The Imported State: The Westernization of the Political Order

Overview

This book traces the rise of the modern state—a mode of organizing political power within a closed territory—in post-Enlightenment Europe and its spread to the remainder of the world, especially colonial and postcolonial societies. The result of a long process of evolution dating back to the Roman Empire, this new form of state was characterized by the coincidence of public power and public space and the legalization of political and social relations. Intimately linked to the transformation of Western European ...

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Overview

This book traces the rise of the modern state—a mode of organizing political power within a closed territory—in post-Enlightenment Europe and its spread to the remainder of the world, especially colonial and postcolonial societies. The result of a long process of evolution dating back to the Roman Empire, this new form of state was characterized by the coincidence of public power and public space and the legalization of political and social relations. Intimately linked to the transformation of Western European cultures at a time when their economic might allowed them to conquer many regions of the world, the modern state provided a model that was adopted in most countries.

The book analyzes the different conditions in which the modern state was grafted onto different cultural realities: a metropolitan model adopted by settlers or imposed as an instrument of colonial domination, or a representation of modernity selected by non-Western leaders out of fascination for its alleged efficiency and rationality. The author shows that, from the beginning, various logics of importation led non-Western cultures to invent their own practices of the state, thereby transforming the original model. In many countries, notably in postcolonial societies, discrepancies appeared between political actions and political representations and principles on which the state was supposed to rest. This has often led to political crises and breakdowns of legality and legitimacy, and to the formation of new types of social relations in spaces the state cannot control. At the international level, a similar phenomenon can be seen: international networks, based on trade links, religion, and culture, are now able to bypass official interstate relations.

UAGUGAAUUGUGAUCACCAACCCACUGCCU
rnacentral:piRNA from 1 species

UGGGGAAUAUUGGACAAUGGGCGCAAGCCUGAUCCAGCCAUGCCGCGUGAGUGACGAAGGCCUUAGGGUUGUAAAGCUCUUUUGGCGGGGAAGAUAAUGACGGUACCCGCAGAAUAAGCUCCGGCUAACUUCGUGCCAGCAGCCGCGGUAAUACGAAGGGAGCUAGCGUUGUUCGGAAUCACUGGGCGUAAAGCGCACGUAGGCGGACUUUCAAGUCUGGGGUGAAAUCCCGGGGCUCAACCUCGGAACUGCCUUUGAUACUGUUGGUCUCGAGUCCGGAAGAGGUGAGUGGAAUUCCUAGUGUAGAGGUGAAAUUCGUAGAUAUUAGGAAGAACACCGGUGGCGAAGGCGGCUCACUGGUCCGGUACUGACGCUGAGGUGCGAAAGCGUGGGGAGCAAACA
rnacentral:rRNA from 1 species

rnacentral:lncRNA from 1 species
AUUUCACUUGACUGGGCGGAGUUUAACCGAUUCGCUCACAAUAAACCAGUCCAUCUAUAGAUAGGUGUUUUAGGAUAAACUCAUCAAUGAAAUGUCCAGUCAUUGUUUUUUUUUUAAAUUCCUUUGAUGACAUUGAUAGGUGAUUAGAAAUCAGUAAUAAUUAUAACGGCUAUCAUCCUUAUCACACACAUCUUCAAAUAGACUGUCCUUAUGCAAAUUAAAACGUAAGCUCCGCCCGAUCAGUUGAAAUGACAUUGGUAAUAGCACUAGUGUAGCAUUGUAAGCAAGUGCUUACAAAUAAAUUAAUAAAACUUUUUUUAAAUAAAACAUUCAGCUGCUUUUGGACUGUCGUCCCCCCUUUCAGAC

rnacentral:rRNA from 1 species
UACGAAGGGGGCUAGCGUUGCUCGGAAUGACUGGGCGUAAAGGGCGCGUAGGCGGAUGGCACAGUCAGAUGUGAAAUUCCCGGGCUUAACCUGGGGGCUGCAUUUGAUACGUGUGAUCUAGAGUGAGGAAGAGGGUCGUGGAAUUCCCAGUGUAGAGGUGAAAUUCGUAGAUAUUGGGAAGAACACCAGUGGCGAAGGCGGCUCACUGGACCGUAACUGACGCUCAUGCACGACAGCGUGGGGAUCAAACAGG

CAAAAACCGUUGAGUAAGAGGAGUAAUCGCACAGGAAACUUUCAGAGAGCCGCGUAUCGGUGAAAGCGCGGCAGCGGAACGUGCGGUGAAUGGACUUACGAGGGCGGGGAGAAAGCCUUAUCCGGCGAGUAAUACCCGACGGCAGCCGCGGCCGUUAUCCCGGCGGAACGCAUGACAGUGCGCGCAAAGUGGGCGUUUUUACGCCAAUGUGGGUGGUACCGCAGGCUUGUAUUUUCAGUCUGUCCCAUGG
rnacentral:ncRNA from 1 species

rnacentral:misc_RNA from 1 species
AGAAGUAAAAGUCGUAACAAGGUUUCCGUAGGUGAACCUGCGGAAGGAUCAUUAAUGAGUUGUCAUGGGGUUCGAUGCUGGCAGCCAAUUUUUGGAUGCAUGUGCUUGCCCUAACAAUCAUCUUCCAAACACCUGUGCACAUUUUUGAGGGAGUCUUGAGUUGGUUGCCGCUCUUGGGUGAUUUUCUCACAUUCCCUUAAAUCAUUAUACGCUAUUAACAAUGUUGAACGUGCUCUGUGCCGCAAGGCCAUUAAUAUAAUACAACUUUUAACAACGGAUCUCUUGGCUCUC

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Editorial Reviews

From the Publisher
"This is an important book by any standard. No matter how commonplace it is to observe that the state was born in Western Europe and subsequently exported to the rest of the world, until now there has been no single book that traces out the implications of this for those peripheral, extra-European societies that were compelled to import this bizarre form of political order. It is impossible to do justice to the variety and scope of arguments that Badie develops in this extraordinarily erudite and interdisciplinary work."
—Philippe C. Schmitter,Stanford University
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Product Details

  • ISBN-13: 9780804737678
  • Publisher: Stanford University Press
  • Publication date: 4/28/2000
  • Series: Mestizo Spaces / Espaces Metisses Series
  • Edition description: 1
  • Pages: 296
  • Sales rank: 1,497,416
  • Product dimensions: 6.00 (w) x 9.00 (h) x 0.70 (d)

Table of Contents

Introduction 1
Pt. 1 The Exportation of Political Models 5
1 The Logic of Dependence 9
2 The Universalist Claim of the State 48
Pt. 2 The Importation of Political Models 89
3 Importers and Their Strategies 93
4 Imported Products 131
Pt. 3 Failed Universalization and Creative Deviation 165
5 Internal Disorders 169
6 International Disorders 201
Conclusion 233
Notes 239
Bibliography 249
Index 261
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